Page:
Dystrophy is a genetic condition. For
Claire to inherit Muscular Dystrophy, one parent must also have this
that parent was my mum. This
explained a lot, because she also couldn’t run, had difficulty playing sports
and lived with chronic muscle pain.
K continued, ‘With each pregnancy there is a 50 per cent chance of the child
inheriting the condition…and Claire’s children will have this 50 per cent
chance of inheriting Muscular Dystrophy from her.’
seemed to slow down. I was fourteen
years old, I hadn’t even thought about having children…my life went into
first knew something wasn’t normal about me when I was eight years old.
I couldn’t keep up with my friends.
I came last at sports carnivals and no one wanted to choose me for team
sports. I think it was at this age
I developed the ability to switch off from the world and hide inside
myself…because I just didn’t fit in. The only time I really felt happy was when I was eating.
I began to gain weight and told myself this was the reason I couldn’t
hated Monday mornings because it meant the beginning of another week at
school…I tried everything to get out of going.
When I had to go I usually carried a supply of bandages in my school bag.
I’d inform my teacher my ankle or toe was injured so I couldn’t
participate in the morning run. Only once did I use the excuse I had a sprained
wrist because I was informed I could still run with this injury and to get
moving. After a while the injury excuses started to wear out, so I developed an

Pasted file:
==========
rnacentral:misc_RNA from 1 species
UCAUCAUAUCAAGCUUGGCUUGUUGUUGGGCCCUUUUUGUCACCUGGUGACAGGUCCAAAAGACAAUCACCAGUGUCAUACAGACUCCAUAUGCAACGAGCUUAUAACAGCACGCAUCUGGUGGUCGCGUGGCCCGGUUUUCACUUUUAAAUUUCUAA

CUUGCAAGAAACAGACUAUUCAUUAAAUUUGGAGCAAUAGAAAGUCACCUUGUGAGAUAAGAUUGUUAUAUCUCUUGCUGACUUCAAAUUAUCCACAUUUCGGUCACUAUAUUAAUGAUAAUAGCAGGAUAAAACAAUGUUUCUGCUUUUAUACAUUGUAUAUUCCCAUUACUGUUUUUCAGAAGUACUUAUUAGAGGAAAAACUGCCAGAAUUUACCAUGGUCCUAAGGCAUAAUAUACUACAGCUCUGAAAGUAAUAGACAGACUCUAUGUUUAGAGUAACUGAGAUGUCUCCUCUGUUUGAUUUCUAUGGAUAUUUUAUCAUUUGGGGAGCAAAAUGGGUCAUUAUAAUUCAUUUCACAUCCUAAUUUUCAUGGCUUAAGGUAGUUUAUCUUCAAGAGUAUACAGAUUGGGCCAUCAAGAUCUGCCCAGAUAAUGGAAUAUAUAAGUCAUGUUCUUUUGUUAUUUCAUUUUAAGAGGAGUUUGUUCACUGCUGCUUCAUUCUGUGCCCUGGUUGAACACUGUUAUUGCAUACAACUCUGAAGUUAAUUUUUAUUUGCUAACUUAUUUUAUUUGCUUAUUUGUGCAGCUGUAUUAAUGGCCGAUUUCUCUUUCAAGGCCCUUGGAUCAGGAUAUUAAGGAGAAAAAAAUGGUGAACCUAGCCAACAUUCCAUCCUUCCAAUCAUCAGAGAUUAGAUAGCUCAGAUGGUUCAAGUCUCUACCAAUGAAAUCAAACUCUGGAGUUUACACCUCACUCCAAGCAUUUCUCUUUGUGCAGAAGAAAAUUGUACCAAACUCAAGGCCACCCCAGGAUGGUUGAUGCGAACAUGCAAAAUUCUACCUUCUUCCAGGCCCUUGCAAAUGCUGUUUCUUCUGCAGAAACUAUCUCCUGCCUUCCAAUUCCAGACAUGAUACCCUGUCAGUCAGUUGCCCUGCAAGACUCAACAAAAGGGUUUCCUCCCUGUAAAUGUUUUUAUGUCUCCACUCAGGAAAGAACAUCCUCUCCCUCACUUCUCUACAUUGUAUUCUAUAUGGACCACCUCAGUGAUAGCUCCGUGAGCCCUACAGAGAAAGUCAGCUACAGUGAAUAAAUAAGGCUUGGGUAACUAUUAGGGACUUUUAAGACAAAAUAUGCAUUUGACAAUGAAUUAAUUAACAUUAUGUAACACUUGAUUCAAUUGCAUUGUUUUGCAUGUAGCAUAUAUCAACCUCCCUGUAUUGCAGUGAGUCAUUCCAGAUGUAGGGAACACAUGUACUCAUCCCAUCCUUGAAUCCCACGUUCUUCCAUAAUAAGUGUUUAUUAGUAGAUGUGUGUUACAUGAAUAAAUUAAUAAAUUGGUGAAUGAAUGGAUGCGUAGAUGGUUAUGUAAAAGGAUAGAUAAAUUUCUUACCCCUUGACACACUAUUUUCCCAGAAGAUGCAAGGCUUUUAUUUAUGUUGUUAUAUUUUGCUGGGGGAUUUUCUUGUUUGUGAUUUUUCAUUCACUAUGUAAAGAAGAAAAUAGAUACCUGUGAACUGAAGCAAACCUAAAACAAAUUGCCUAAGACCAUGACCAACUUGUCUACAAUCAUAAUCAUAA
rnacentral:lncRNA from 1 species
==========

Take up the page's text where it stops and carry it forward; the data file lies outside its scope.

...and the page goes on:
allergic reaction to grass and couldn’t possibly run around the oval. When
that didn’t work, I tried dropping a rock on my foot.
That failed too, for I couldn’t break my foot.
worst time of the year was the sports carnival.
I started having anxiety attacks near the time. I would beg Mum not to
make me go to school. Dad was a pilot so when he was away Mum let me stay at
home. Dad always wanted me to
doesn’t matter if you win or lose, it’s that you participate,’ he would
can remember making such a fuss in the lead up to one sports carnival, that Mum
had to take me for an x-ray on my toe. It
wasn’t broken but I was sure I needed to have chiropractic work on it. I’m sure the stomach pains I had were psychosomatic…but I
really believed I was in pain. To me, my emotional pain became physical pain.
Eventually when I was ten I spent half a day in Princess Margaret
Hospital. They tested me for just
about everything…however, nothing showed. The only conclusion was that I was
over weight. I had my first meeting